cular event (n = 56 [29.6%] vs. n = 85
[40.5%]; hazard ratio 0.69 [95% CI
0.49–0.96]; P = 0.029). Risk for individ-
ual cardiovascular events comprising the
primary outcome did not differ signifi-
cantly between arms (Fig. 1). The effect
of baseline HDL prior to the index event
was not statistically significant for the pri-
mary outcome. The hazard ratio for all-
cause death, cardiovascular death, or
nificance. In the subgroup aged #65.7
years, arms did not differ significantly
for the primary outcome (n = 118
[32.1%] vs. n = 96 [27.6%]; 1.24 [0.95–
1.63]; P = 0.11).
There were no differences in overall
glycemia or in combined measures of
premeal or postprandial glycemia. Mean
significantly lower with the basal arm
(7.87 6 0.32 vs. 6.71 6 0.22 mmol/L;
P = 0.001), and 2-h postprandial blood
glucose excursion was significantly lower
with prandial control (0.17 6 0.24 vs.
1.21 6 0.15 mmol/L; P , 0.0001) be-
cause of significantly lower morning and
noon excursions. Nocturnal hypoglyce-
mia rates were significantly higher in the
basal arm ([means 6 SEM] 0.15 6 0.04
vs. 0.61 6 0.10 per patient per episode
per year; P , 0.001), whereas overall
and severe hypoglycemia rates and total
insulin dose did not differ significantly.
BMI was significantly higher in the pran-
dial arm (30.08 6 0.29 vs. 29.21 6 0.27
kg/m2; P = 0.015), but lipid profiles,
blood pressure levels, left ventricular
ejection fraction, and QTc interval were
CONCLUSIONS—The premise of the
HEART2D trial was that the two major
A1C components, prandial and fasting/
premeal glycemia, may affect cardiovas-
cular risk differently (3). Recent trials
(4–6) demonstrated that intensive glu-
cose therapy lowered A1C but with no
significant difference in major cardiovas-
reported a modest effect of total glycemic
exposure on cardiovascular risk, older-
patient-subgroup reports demonstrated
with type 2 diabetes may have a lower risk
for subsequent cardiovascular events with
insulin therapy targeting prandial versus
fasting/premeal glycemia, despite similar
Older patients may be susceptible to
glycemic and nonglycemic mechanisms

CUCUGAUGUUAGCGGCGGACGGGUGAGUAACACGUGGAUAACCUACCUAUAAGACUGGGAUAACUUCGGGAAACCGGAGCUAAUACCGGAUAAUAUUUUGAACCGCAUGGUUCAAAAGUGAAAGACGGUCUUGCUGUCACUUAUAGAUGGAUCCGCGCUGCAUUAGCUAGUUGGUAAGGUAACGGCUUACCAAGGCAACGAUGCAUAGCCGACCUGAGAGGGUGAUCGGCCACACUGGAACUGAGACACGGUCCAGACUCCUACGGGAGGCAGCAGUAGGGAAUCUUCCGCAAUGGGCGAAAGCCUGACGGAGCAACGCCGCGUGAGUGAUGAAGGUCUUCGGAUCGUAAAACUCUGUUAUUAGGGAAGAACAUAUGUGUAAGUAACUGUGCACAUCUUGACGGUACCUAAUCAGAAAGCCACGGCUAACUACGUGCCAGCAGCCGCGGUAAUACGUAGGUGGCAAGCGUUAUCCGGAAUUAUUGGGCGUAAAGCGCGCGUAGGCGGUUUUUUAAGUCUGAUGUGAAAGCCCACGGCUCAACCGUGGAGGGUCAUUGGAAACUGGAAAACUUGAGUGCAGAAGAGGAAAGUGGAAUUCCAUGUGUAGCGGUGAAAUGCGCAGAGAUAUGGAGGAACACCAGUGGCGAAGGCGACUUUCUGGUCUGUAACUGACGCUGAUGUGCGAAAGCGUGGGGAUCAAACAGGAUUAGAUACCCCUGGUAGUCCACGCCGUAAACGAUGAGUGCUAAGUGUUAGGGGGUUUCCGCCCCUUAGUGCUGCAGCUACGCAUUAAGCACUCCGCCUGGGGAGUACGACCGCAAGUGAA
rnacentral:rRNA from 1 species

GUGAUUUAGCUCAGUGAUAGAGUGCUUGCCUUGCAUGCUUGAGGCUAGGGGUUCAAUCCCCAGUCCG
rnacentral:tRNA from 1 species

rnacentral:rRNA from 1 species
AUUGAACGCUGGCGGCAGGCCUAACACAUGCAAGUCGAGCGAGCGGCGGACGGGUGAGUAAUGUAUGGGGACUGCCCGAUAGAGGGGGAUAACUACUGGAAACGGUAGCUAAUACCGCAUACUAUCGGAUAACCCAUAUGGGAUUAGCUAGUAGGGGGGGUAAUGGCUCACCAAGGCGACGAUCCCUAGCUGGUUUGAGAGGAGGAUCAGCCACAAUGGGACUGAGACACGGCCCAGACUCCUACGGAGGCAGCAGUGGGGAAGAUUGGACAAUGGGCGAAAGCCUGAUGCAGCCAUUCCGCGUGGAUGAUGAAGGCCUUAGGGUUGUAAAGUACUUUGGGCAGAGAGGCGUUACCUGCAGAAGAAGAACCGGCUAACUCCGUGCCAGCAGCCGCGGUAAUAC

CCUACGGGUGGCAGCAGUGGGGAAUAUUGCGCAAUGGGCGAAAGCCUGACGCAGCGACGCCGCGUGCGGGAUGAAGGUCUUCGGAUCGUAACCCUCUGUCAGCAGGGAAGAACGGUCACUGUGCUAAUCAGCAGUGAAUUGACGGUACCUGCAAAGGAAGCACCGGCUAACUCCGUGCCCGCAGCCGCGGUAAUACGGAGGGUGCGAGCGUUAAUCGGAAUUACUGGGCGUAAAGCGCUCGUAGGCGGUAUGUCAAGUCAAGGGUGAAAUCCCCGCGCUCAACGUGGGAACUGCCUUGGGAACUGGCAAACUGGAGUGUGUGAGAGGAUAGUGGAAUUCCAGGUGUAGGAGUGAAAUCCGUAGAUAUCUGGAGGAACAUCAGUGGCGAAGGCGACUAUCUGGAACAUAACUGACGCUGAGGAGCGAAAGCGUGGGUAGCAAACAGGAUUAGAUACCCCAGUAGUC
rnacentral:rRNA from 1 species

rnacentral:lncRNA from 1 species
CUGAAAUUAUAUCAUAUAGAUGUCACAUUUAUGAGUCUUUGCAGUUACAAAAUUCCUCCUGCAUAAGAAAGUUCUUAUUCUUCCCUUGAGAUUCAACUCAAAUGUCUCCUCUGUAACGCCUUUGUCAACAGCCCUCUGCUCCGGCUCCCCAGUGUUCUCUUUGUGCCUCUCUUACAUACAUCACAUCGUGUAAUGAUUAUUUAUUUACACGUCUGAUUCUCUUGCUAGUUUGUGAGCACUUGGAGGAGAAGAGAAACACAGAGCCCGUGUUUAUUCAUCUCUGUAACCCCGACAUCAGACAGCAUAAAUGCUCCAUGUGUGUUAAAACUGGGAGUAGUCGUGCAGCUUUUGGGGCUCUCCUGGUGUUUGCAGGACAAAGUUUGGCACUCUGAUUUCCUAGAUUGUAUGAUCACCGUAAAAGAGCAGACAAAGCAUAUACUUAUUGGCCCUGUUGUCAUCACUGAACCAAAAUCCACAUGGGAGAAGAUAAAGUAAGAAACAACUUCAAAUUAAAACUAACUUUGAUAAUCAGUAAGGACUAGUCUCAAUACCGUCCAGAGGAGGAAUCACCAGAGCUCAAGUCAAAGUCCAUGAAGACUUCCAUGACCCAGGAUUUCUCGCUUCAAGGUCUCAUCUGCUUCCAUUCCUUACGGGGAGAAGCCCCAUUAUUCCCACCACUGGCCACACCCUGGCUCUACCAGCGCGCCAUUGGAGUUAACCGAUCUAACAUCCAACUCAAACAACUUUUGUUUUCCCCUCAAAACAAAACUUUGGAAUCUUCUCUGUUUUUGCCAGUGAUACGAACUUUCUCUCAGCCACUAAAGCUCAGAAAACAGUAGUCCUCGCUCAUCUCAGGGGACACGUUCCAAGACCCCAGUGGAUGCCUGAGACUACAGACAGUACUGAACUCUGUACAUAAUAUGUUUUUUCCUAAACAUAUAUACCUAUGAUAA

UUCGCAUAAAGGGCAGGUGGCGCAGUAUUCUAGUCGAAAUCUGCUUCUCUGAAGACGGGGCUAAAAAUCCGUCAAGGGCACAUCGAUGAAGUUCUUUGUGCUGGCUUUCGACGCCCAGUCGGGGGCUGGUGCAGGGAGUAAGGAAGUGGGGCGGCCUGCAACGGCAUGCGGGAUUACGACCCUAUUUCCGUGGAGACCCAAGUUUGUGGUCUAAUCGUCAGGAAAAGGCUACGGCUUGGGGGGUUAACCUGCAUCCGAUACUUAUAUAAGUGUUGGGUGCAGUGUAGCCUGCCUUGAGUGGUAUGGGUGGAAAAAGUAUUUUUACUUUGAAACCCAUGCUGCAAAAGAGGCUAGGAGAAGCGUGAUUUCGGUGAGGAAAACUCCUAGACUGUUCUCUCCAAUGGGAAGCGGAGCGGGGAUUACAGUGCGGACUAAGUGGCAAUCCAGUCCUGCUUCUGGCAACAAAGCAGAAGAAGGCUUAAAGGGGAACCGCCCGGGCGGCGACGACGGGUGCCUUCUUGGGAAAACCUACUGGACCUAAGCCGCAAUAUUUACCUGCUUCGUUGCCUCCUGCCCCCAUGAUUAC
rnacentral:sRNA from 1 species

Figure 1—Kaplan-Meier survival curve of the percentage of HEART2D patients in the subgroup aged .65.7 years who did not experience a first
for acute coronary syndrome) vs. days in the trial by insulin strategy. Solid black line, prandial insulin arm (targeted prandial glycemia control);
dashed black line, basal insulin arm (targeted fasting/premeal glycemia).
DIABETES CARE, VOLUME 34, JULY 2011care.diabetesjournals.org
Cardiovascular risk in older patients: HEART2D
associated with the postprandial period, Download full-text
which may increase cardiovascular risk.
The more pronounced postprandial ex-
cursions in the older-subgroup basal
arm may indicate increased exposure to
postprandial-state abnormalities of oxida-
tive stress, inflammation, endothelial dys-
function (8,9), a prothrombotic state
characterized by elevated platelet and co-
agulation activation and inhibited fibrino-
lysis (10,11), and less vasodilation caused
by lower insulinemia (12). Abnormalities
of sympathetic function, vasoactive pep-
tide action, and meal carbohydrate con-
tent may predispose older patients to
postprandial hypotension and cardiovas-
cular events (13,14).
On the other hand, the significantly
lower fasting blood glucose and signifi-
cantly greater nocturnal hypoglycemia in
the basal versus prandial arm may have
contributed to the difference in cardio-
vascular outcomes. Lower fasting blood
glucose and greater nocturnal hypoglyce-
mia in the older subgroup compared with
the total HEART2D trial population (1)
may explain the disparity between the
that its post hoc nature with multiple
testing on many variables renders it only
hypothesis generating. Additional limita-
tions include the fact that the follow-up
period may be inadequate to evaluate
cardiovascular outcomes, the primary
outcome included two subjective out-
comes, patients had advanced cardiovas-
cular disease, and dropout was high.
Most people with diabetes in devel-
oped countries are aged $65 years, and
prevalence in that age-group worldwide
dial glycemia control was associated with
lower cardiovascular risk than fasting/
premeal glycemia control for older AMI
survivors with type 2 diabetes warrants
Acknowledgments—The HEART2D study
E.W.S., Z.M., C.A.J., and S.J.J. are employees
was an employee and shareholder during the
trial. I.R. serves on speaker bureaus for Eli Lilly
and Novo Nordisk; advisory boards for Roche,
Novo Nordisk, AstraZeneca, and Bristol-Myers
Squibb; and as a consultant for AstraZeneca/
Bristol-Myers Squibb and Andromeda. A.C.
serves on speaker bureaus and advisory boards
potential conflicts of interest relevant to this
article were reported.
I.R. contributed to discussion and wrote,
reviewed, and edited the manuscript. A.C.
contributed to discussion and reviewed and
edited the manuscript. P.W.W. reviewed and
edited the manuscript. C.B. and E.W.S. re-
searched data, contributed to discussion, and
reviewedand editedthe manuscript. C.A.J. con-
tributed to discussion and wrote, reviewed, and
edited the manuscript. L.K., Z.M., and S.J.J.
wrote, reviewed, and edited the manuscript.
The authors thank Byron Hoogwerf, MD (Eli
Lilly and Company) for his criticalreview of the
manuscript, and Jinghui Hu, PhD (Eli Lilly and
Company) and Helen You, MS (inVentiv Clini-
cal Solutions, LLC) for statistical programming.
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cardiovascular outcomes in type 2 di-